Indo-Australian Plate
as it meets the Eurasian Plate
Eurasian Plate
and pushes into South East Asia.[3] The climate includes a long dry season with hot winds blowing over from Australia. Rivers on the island include the Southern and Northern Laclo Rivers in East Timor. The largest towns on the island are the provincial capital of Kupang in West Timor, Indonesia
Indonesia
and the Portuguese colonial towns of Dili
Dili
the capital, and Baucau
Baucau
in East Timor. Poor roads make transport to inland areas difficult, in East Timor
East Timor
especially.[4] East Timor
East Timor
is a poor country, with health issues including malaria and dengue fever. Sources of revenue include gas and oil in the Timor
Timor
Sea, coffee growing and tourism. Flora and fauna[edit] Timor
Timor
and its offshore islands such as Atauro, a former place of exile increasingly known for its beaches and coral[citation needed], as well as Jaco along with Wetar
Wetar
and the other Barat Daya Islands
Barat Daya Islands
to the northeast constitute the Timor
Timor
and Wetar
Wetar
deciduous forests ecoregion. The natural vegetation was tropical dry broadleaf forests with an undergrowth of shrubs and grasses supporting a rich wildlife[citation needed]. However much of the original forest has been cleared for farming[citation needed], especially on the coasts of Timor
Timor
and on the smaller islands like Atauro. Apart from one large block in the centre of Timor
Timor
only patches remain[citation needed]. This ecoregion is part of the Wallacea
Wallacea
area with a mixture of plants and animals of Asian and Australasian origin; it lies in the western part of Wallacea, in which Asian species predominate. Many trees are deciduous or partly deciduous, dropping their leaves during the dry season, there are also evergreen and thorn trees in the woodland. Typical trees of the lowland slopes include Sterculia foetida, Calophyllum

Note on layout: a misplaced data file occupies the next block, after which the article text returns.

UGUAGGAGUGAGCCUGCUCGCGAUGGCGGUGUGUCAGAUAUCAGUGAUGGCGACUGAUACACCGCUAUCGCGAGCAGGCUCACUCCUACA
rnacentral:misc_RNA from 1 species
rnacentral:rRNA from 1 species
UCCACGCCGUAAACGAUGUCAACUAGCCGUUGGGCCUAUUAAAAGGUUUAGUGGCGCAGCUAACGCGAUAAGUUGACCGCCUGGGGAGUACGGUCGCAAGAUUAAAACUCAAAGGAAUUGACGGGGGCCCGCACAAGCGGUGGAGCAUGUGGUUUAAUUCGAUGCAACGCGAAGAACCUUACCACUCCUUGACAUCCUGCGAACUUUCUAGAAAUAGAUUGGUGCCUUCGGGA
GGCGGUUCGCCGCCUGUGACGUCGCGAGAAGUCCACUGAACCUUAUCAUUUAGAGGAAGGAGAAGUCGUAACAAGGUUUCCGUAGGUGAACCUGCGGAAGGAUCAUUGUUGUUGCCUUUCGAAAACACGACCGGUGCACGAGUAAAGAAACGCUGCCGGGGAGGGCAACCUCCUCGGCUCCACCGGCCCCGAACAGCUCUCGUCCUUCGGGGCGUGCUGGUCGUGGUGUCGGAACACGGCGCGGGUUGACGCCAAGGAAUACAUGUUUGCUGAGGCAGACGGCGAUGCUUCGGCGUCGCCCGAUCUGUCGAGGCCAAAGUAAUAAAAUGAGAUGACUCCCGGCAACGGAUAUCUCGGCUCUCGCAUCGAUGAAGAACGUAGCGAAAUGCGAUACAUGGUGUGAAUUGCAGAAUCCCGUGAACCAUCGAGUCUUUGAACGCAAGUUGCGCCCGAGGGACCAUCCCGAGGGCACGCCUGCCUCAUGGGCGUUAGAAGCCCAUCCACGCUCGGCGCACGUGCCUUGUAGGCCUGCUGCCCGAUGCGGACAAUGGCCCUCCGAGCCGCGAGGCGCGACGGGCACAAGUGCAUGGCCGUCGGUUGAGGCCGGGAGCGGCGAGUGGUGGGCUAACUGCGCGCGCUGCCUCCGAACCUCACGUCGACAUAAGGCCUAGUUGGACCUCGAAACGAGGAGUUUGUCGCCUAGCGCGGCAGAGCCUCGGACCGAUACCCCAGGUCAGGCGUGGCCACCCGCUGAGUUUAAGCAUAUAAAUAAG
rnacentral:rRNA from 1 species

Calophyllum
teysmannii and Aleurites moluccanus. During the Pleistocene
Pleistocene
epoch, Timor
Timor
was the abode of extinct giant monitor lizards similar to the Komodo dragon. Like Flores, Sumba
Sumba
and Sulawesi, Timor
Timor
was also once a habitat of extinct dwarf stegodonts, relatives of elephants. Fauna of today includes a number of endemic species such as the distinctive Timor shrew
Timor shrew
and Timor
Timor
rat. The northern common cuscus, a marsupial of Australasian origin occurs as well, but is thought to be introduced.[5] The island have a great number of birds, mainly of Asian origin with some of Australasian origin. There is a total of 250 species of which twenty four are endemic, due to the relative isolation of Timor, including five threatened species; the slaty cuckoo-dove, Wetar
Wetar
ground dove, Timor
Timor
green pigeon, Timor
Timor
imperial pigeon, and iris lorikeet.[6] Saltwater crocodiles are found in the wetlands whereas reticulated pythons can be found in forests and grasslands of Timor. However, the population sizes and status are unknown. Frog species in Timor
Timor